Lucky Blue Is Redefining the Male Supermodel

Lucky Blue Is Redefining the Male Supermodel

Lucky Blue Is Redefining the Male Supermodel

Model, musician, and social media sensation Lucky Blue is adding a new credit to his resume: author. Here, the millennial wunderkind opens up about doing it all as one of V's four September cover stars

Model, musician, and social media sensation Lucky Blue is adding a new credit to his resume: author. Here, the millennial wunderkind opens up about doing it all as one of V's four September cover stars

Photography: Mario Testino

Styling: Paul Cavaco

Text: Nick Remsen

This story is taken from V103, on newsstands September 1, available for pre-order here

You know that feeling when you’re asked an on-the-spot question and your memory fails you entirely? Lucky Blue Smith, the model, musician, social media wunderkind, and soon-to-be author, does not have this problem. Following an admission that he prefers “old school beats” to anything in the top 40, I ask him, bluntly, to tell me his single favorite song. “Brick House,” he replies without hesitation. His sister, Pyper America, 19, is in the room. “Really?” She eye-rolls hard.

As it happens, the fact that Smith is an 18-year-old who favors the Commodores over Drake or Rihanna isn’t the only appealingly divergent thing about the guy. Another is that he’s in a band, the Atomics, with his sisters, all of whom are also models—and said band was his original concern in life (more on this in a moment). Furthermore, he is a legit Adonis, and not in the over-tanned, hardbody way normally associated with the term; Lucky Blue might be one of the best-looking dudes on earth, with a face that’s somehow both one-of-a-kind yet marketable, and eyes that can only be described as the flesh-and-blood version of a Game of Thrones White Walker’s. Think: iciest sapphire. His style, too, is atypical; Smith’s look is millennial rockabilly—he digs a narrow Bowie suit and a Saint Laurent leather jacket. There’s a clear logic as to why he’s been booked by such antipodal brands as Tom Ford, Levi’s, Calvin Klein, and Balmain: just about everyone finds him attractive, and the magnetism is even stronger in person.

So how did Lucky Blue, the youngest of four in a Mormon family from Spanish Fork, Utah, who used to “spend summers flirting with the lifeguards at the pool” become Lucky Blue, the globe-trotting heartthrob with an audience numbering well into the millions? It started with an hour drive north to Salt Lake City nearly a decade ago, where his sister, Daisy Clementine, 21 this September, had a fateful casting. “I think I was probably grounded that day, so my mom made me go,” Smith says. The agent who would ultimately sign Daisy asked to see the tagalong again in a few years. A few years later, at age 12, he too was signed. In short order, he was photographed by Hedi Slimane for the pages of Vogue Hommes Japan. Few model achievements, even after many years of work, beat getting lensed by Slimane. His beginning is an exceptionally rare story.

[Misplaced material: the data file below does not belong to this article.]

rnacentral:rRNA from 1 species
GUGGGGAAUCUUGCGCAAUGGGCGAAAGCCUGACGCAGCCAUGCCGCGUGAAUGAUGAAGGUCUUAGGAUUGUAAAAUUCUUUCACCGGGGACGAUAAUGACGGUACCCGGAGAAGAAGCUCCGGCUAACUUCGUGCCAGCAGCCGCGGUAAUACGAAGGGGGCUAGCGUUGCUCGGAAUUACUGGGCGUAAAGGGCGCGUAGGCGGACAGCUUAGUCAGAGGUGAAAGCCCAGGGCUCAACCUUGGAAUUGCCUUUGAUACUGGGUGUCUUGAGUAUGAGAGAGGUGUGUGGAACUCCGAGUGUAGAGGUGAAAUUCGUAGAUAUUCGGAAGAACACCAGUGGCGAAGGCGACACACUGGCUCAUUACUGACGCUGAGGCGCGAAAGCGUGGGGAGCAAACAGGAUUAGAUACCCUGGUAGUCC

Smith’s rise through the ranks since then is notable in the sense that male models don’t often get known beyond small menswear circles. Sure, Sean O’Pry was in a Taylor Swift music video, but the real fame game now requires tangible numbers—and Smith has approximately 2.4 million followers on Instagram, a bankable statistic to be sure. He navigates his social media life with a chill resolution, labeling pictures with captions like, “this is just a photo of me enjoying life,” or, “yo?” and he’s slightly in awe of its power: “I didn’t realize how much people could care about you through social media,” he says. “That itself is kind of shocking, but really cool, actually.” “Care” is an understatement; when Smith publishes that he’ll be somewhere, his followers flock.